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Old 04-12-2012, 01:18 PM   #7
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This is not helping me ever want to put a pile of lithium under my car, with my family in the passenger seats.

This may have been a testing accident, but what about the event of a car accident?

Volts have been shown to catch fire long after the fact, due to unseen internal damage to the cells.

once exposed to an oxygen atmosphere, any lithium substrate can combust, and do so violently. Precautions are taken, but it is still always a risk.

Mere exposure can ignite lithium. An electrically-damaged, or over-discharged cell can damage itself, swell, rupture it's envelope, and expose itself to an oxygen atmosphere, even without a direct kinetic impact event. And once one cell goes, it tends to spread.

A gasoline leak doesn't automatically ignite without an ignition source, and even when it does, it doesn't burn half as hot, and not as fast as lithium does.
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Old 04-12-2012, 01:41 PM   #8
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This is what happens when you really push technology forward. It happened in testing most likely way beyond parameters a consumer could ever achieve.

Failures are just as (probably more) important as successes.
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Old 04-12-2012, 03:54 PM   #9
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Quote:
Originally Posted by HipToBeSquare View Post
This is not helping me ever want to put a pile of lithium under my car, with my family in the passenger seats.

This may have been a testing accident, but what about the event of a car accident?

Volts have been shown to catch fire long after the fact, due to unseen internal damage to the cells.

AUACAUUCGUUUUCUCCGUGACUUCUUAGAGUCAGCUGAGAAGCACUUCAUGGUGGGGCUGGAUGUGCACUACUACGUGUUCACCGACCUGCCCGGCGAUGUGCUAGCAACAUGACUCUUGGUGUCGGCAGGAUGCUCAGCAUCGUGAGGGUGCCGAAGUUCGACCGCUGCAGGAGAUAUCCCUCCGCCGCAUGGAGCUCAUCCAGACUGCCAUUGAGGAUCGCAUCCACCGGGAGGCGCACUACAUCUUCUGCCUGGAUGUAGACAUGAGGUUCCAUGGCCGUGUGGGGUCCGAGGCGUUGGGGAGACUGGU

once exposed to an oxygen atmosphere, any lithium substrate can combust, and do so violently. Precautions are taken, but it is still always a risk.

Mere exposure can ignite lithium. An electrically-damaged, or over-discharged cell can damage itself, swell, rupture it's envelope, and expose itself to an oxygen atmosphere, even without a direct kinetic impact event. And once one cell goes, it tends to spread.

A gasoline leak doesn't automatically ignite without an ignition source, and even when it does, it doesn't burn half as hot, and not as fast as lithium does.
You do know normal cars are powered by a substance, known in the state of Califonia, to be highly flamable. I hear they even keep it under seats.
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Old 04-12-2012, 04:48 PM   #10
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no problem. Workers comp.
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Old 04-12-2012, 04:50 PM   #11
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Quote:
Originally Posted by Not-EWRX View Post
You do know normal cars are powered by a substance, known in the state of Califonia, to be highly flamable. I hear they even keep it under seats.
You saw that he addressed that, right? Gasoline doesn't self-ignite.. it actually needs a fairly strong ignition source which is why cars typically don't go up in flames despite frequent fuel spills.
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Old 04-12-2012, 09:11 PM   #12
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I wish there was more actual details about this. I am curious what happened and what they were doing. The tests done on A123 can cells showed them to be very robust, but I would not be surprised if these were pouch cells which are probably lighter and cheaper.
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Old 04-12-2012, 09:13 PM   #13